Update 1: Our Move to Missouri

We did it! We finally made our move to Missouri. I wanted to provide an update so our friends and family back home can keep tabs on us : ) but also to be transparent for those interested in learning from our experience. A common curiosity we encounter is the logistics of what we’re doing, mainly how we’re making it work. I’ve tried to give a short outline on how we’re making our dream a reality – from how our plans have evolved, to how we’re “getting by” in a rural area, to the very first step of the build.

We set up camp along a bordering easement road.
HQ for our first week of construction in March, 2016.
Neal with our good buddy, Eric, who purchased some acreage about 20 minutes from us.
Neal with our good friend, Eric, who purchased some land in the neighboring town!

Before we moved we made a trip out to Missouri for some land prep and to search for an apartment. During our “March trip”, we cleared a pathway and a portion of the land with an excavator so we’d have a level area for our greenhouse tent which would store all of our supplies. We also collected a ton of free sawdust and pallets, which made a great mud-proof floor in the storage area.

Our dog Stevie sat on patrol every morning. This is what the land looked like before we started clearing.
Pickaxes, saws, chainsaws, axes, shovels, and weeders could not compete with the speed of heavy machinery!
By the end of the week we had cleared a pathway and the location of our future camp site.
While the beat up ones were free, we found some beautiful pallets in great condition for $1 each.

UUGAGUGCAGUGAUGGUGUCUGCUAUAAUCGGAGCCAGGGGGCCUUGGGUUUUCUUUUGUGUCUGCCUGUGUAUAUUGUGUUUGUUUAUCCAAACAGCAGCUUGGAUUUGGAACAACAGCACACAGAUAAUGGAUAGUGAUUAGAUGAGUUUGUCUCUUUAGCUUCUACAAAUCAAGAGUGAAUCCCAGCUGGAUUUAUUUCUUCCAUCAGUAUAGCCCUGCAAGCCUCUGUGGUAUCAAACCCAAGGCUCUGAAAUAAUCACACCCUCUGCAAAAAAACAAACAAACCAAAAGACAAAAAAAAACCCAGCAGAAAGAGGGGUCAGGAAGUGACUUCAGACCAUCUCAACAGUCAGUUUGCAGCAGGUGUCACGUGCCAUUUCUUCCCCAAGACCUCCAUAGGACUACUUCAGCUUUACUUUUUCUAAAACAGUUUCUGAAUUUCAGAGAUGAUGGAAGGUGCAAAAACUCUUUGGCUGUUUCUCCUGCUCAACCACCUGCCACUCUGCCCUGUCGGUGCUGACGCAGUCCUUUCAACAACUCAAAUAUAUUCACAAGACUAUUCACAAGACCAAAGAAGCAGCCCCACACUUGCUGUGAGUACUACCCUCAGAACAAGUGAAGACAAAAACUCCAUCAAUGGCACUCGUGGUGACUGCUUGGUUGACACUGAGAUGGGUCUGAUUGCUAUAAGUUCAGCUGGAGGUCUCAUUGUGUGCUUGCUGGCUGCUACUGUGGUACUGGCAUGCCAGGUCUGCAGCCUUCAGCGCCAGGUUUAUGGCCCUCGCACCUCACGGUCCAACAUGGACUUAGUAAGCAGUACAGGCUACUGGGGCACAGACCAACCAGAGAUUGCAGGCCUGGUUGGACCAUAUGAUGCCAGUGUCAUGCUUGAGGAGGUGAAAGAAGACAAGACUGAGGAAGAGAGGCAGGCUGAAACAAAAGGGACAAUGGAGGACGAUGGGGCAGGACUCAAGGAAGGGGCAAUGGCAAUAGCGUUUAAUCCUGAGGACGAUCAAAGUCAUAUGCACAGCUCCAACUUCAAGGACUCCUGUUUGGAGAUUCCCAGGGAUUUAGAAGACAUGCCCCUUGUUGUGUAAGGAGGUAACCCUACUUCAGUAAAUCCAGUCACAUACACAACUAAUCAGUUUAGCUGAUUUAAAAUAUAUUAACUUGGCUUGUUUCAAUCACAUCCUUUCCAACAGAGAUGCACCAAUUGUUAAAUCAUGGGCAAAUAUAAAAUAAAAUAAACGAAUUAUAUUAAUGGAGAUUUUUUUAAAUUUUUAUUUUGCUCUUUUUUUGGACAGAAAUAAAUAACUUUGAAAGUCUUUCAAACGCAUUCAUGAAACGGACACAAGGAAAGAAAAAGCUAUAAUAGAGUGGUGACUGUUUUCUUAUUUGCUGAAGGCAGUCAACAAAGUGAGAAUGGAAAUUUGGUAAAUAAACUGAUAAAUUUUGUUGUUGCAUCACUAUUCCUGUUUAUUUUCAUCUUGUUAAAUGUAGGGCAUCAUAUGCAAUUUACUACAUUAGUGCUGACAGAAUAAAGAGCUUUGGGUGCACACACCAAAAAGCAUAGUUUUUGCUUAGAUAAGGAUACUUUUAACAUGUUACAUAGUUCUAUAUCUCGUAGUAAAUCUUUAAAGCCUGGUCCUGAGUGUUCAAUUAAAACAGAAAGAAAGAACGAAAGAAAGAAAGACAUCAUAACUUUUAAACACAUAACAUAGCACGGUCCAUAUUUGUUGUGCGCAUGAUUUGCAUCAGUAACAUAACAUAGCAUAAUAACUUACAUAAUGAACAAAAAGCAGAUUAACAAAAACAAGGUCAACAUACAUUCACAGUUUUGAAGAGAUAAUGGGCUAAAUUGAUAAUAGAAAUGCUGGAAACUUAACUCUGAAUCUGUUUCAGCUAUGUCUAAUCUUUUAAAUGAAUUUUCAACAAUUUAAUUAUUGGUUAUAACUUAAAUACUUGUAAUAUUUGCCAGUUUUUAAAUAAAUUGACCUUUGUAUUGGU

Having the compost toilet on the build site is a nice luxury to have! As an added bonus, we will be using the waste in our humanure compost piles – an important part of our soil rebuilding efforts. (Don’t worry, we aren’t using our waste on our edible plants – though it is  completely safe and a widely used practice).

compost toilet collage
DIY compost toilet!
Checking out the worksite’s new bathroom! 🙂

The storage area we set up will house all of the building supplies, equipment, and tools. Since we’re trying to build as cheaply as possible, we didn’t want to spend hundreds (or thousands) of dollars on a pre-built storage unit. So we used what we had: a greenhouse tent, sawdust, and pallets.



We’re now (mostly) all moved in to a townhome in Osage Beach, MO, about an hour drive away from our land. I was fortunate enough to find a digital marketing position working from home, so it seems everything is falling into place.


For those of you who need to work while simultaneously building your home, a work from home job is not necessary! There are tons of different solutions and approaches others have taken, a little research may inspire a workable solution. If you need to depend on the local economy, at least out here the cost of living is absurdly cheap. Even at Walmart, some of the goods we purchase are literally 50% cheaper than Houston. Not to mention the rent in more rural areas is substantially less expensive – even some of the apartments on the lake were as low as $400. Regardless of the situation you’re in, where there’s a will there’s a way.

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